[Review] – The Raven

10 May

Title: The Raven
Year: 2012
Director: James McTeigue
Writers: Ben Livingston and Hannah Shakespeare
Starring: John Cusack, Alice Eve, Brendan Gleeson, Luke Evans, Kevin McNally
MPAA Rating: R, bloody violence and grisly images
Runtime: 111 min
IMDb Rating: 6.7
Rotten Tomatoes: 21%
Metacritic: 44

I like John Cusack quite a bit. And I like Edgar Allan Poe‘s literature, too. I also liked James McTeigue‘s directorial debut V for Vendetta from 2006 quite a lot. So I should dig the idea of John Cusack playing Poe in a film directed by Mr. McTeigue about how the author and poet pursues a serial killer whose murders are just like those in Poe’s stories, right? Well, not really. Since I heard that The Raven was being developed something about it didn’t quite sit well with me, the fact that they were fictionalizing Poe’s last days and turning him into a detective story just seemed too dumb. Well, now I’ve seen it and I can tell you I was right; this film’s just not good.

It’s no good for a number of reasons. First of all, the acting, even that coming from Mr. Cusack, is just totally off for most of the movie; the script is just seriously flimsy; and the murder mystery at the center of it is just super ridiculous, and you’ll find yourself chuckling at how dumb it all is far more than you’ll find yourself at the edge of your seat, which is what this thriller would like to achieve. Worse still, blasphemous even, is that this is what’s done to the legacy of Edgar Allan Poe, a legacy that should have been left alone in the first place but that’s just hurt so much by the fact that it was used to produce such a crappy piece of entertainment.

I may be (slightly) overreacting about how unworthy our our time this film is, it’s just that it never once embodies the mysteries and literary grandeur of Edgar Allan Poe and, failing to do that, it also doesn’t fully commit to just going all-out and over-the-top, which at least would have made this a campy sort of affair that may have been fun to watch. What we get is just pretty boring and, even worse, doesn’t really make that much sense. If we had been getting a biopic of Poe then Mr. Cusack would have been a good choice; this needed a much crazier and out-there sort of actor.

Because a straight-up biopic, this is not. It’s not even a biopic in the vein of Bruce Robinson‘s The Rum Diary from last year (which I gave a B to). This is something that will no doubt remind some people of a more thriller-y kind of Sherlock Holmes movie in which you have this arrogant kind of misunderstood genius in heavily-stylized Victorian times (though this one’s set in Baltimore) going after a criminal mastermind. Luke Evans plays the young detective that pairs up with Poe, trying to get the author to help him get inside the killer’s mind and stop his gory stories from coming to life. And of course then Poe’s own fiancée, played by Alice Eve in the film’s best performance (not that that’s saying much), then gets kidnapped so our tortured hero gets very personally involved.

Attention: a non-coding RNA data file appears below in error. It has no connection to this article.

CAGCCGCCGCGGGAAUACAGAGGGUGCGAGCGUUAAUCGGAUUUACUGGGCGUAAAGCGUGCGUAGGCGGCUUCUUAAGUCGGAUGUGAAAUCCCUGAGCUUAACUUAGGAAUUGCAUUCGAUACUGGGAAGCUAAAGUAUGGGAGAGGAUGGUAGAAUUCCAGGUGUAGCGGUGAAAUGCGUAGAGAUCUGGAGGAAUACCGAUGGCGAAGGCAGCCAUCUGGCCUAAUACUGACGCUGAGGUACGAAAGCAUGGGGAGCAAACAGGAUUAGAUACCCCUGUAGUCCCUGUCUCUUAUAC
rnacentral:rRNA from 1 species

I just found myself in awe that this film, with such an actor and director, ended up being as boring as it was. Mr. Cusack just never gets the chance to shine or to really get into Poe as a character and give us the complex and mesmerizing performance I’m sure many of us wanted to see come out of him taking on such an icon. This is Poe during his final days in which alcohol became his companion, and the only thing we get from that is a hugely generic thriller that’s not that thrilling at all? Disappointing, to say the least.

What’s worse is that instead of letting these characters actually be interesting and letting his setting create a really nice atmosphere for a film like this, Mr. McTeigue decides to go really heavy on the special effects in this film and get some truly intensely graphic violence in it. And don’t get me wrong, it looks pretty cool, this is the guy that did V for Vendetta after all, but it totally overshadows the other elements at play in this movie and it doesn’t look right in this Victorian setting.

I just didn’t get what this film was really going for. I thought it started off nice enough because this was Poe and Mr. Cusack seemed to be getting into the over-the-top acting stylings of Nicolas Cage in his performance, which I thought might be good for this film, but then it becomes just a totally generic film and Edgar Allan Poe is diminished to be a totally generic action hero of sorts following dumb clues to get from one set piece to the next. And none of these situations have that much of an impact on us as moviegoers, and by the time the climatic final revelation is sprung on us I doubt anyone will really be caring about these characters for them to get into it.

You should just skip this one. Unless it’s on really, really late at night on cable and you need something to nod off to, or unless someone remakes this with Mr. Cage and makes it a total campfest, which I’m sure I wasn’t alone in thinking while watching this. It just sucks that this is what was made to honor the legacy of such a legend, and it sucks that it came with a leading performance by an actor who I love, and who certainly seems to be trying here, but who just doesn’t nail it (not that it’s his fault, actually). It sucks that it’s John Cusack because it’s been probably over a decade since he’s given us a truly brilliant performance, and I want another one of those. He’s starring in Lee Daniels‘ next film, and joining him again as Richard Nixon next year in The Butler. So let’s hope we’re not going to be left waiting for that much longer.

Grade: C

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